After 16 years as owners of the Whitbread racer King's Legend, Femke Lobach and her partner, Gijs van Liebergren, are heading through the Panama Canal and across the Pacific towards Thailand

This is my home for the next eight to nine months. It is still hard to believe, even though I have arrived so many times before and I have left an equal number of times

The difference now is: I am here to stay. And luckily, this time my partner, Gijs, has given me more than one shelf for my own stuff. I have a grand total of one drawer and three shelves. It is a dizzying amount of space to have on a Swan 65.

Our yacht, King’s Legend, has a history. Some 40 ago she was build by Nautor’s Swan, ordered by Nick Ratcliff
 and specially designed for the Whitbread around the World Race.

Today we have a
great opportunity to sail this beautiful boat round the world once

She must be most well travelled of all the Swan 65s. We have owned King’s Legend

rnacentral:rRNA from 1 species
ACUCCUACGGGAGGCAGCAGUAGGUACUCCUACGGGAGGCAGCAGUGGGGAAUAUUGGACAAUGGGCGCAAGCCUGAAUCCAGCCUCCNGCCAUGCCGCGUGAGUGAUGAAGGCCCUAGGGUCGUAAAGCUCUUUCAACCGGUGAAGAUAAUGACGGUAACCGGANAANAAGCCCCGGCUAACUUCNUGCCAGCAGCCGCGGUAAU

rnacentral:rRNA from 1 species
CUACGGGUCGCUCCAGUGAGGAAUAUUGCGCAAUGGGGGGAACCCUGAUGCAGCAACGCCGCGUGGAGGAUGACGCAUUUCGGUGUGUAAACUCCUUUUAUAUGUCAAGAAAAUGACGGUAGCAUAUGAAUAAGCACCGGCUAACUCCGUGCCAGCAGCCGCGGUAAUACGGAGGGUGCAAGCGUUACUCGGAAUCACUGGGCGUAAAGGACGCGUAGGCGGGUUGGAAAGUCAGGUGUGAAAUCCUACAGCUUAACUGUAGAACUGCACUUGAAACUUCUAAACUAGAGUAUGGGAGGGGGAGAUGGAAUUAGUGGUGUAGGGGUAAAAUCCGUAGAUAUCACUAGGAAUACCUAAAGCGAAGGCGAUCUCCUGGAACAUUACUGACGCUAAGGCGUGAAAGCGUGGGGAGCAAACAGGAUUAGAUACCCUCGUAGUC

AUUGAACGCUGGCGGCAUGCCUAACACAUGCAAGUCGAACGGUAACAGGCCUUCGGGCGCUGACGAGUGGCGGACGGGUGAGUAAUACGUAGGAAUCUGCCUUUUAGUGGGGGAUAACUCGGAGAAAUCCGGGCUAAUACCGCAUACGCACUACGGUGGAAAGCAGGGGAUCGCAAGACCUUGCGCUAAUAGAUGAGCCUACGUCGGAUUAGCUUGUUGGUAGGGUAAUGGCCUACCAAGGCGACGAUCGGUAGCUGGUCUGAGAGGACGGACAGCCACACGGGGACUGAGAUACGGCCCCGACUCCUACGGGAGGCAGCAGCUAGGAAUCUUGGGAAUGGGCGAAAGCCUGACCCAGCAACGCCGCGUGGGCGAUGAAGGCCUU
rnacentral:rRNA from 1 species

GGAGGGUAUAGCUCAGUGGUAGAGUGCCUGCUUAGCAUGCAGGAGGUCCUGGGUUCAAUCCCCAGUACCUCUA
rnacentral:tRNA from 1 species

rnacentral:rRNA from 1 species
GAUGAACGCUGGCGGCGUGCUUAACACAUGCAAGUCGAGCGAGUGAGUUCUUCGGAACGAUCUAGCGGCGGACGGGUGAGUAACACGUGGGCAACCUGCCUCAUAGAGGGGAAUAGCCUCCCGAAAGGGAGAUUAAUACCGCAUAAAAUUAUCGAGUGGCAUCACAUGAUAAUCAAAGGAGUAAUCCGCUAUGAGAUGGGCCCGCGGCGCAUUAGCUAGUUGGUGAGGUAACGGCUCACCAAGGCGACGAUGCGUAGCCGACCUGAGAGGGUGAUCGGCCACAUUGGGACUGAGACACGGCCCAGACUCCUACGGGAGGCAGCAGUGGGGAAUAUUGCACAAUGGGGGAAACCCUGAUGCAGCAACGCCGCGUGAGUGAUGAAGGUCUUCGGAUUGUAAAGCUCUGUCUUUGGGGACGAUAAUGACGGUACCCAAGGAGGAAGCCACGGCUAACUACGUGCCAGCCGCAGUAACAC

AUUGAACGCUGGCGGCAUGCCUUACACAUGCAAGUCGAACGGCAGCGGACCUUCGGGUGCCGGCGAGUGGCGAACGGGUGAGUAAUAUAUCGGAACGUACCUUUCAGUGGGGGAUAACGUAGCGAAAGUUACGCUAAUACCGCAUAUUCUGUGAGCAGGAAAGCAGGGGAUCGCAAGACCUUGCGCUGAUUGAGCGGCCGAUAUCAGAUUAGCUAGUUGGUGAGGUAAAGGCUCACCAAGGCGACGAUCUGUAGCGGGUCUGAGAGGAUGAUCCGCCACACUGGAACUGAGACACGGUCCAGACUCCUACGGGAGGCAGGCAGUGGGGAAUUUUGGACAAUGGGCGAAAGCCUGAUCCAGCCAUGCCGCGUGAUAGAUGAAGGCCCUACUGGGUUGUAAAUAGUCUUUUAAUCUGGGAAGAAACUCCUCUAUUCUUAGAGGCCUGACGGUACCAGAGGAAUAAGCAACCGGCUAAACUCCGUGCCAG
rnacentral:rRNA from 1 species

for 16 years and have sailed her in the Med and Carribean, so we thought it high time to change our scenery and try our luck in Thailand.

The long journey gives us a few months to
enjoy sailing with her, and sail together, just the two of us.

 We have been keeping up a blog since we left Las Palmas, Gran Canaria last November.

This is not a Facebook-style blog with happy stories. This is our story, 
our journey, not only across the sea, but also spiritually.

Sailing can be a challenge, for numerous reasons. You are not only
 fighting the elements, but battling with repairs but sometimes even with yourself. So if you are interested in these stories, the rational, actual, realistic,
 philosophical or mental ones, do follow our blog.

Me, I am slowly adjusting to this life. It is nice to be able to prepare for days instead of preparing in a hurry with crash planning.

Femke Lobach

Femke Lobach

Staying in St Maarten meant I could get easy internet access. I was Skyping on a daily basis for the my so-called last chats. As a woman I miss these intense conversations and random chats the most.  Men tend to always talk about things to do, ‘relevant’ subjects such as sailing, repairs and new repair ideas, rigs, engines and whatnot.

Our first leg has taken us to Curaçao, four days of sailing. It was good for me to get used to being on the water again, with irregular sleeping hours and have time to settle in physically and grow over the inevitable seasickness of the first days.

I’ll keep you posted.

Femke Lobach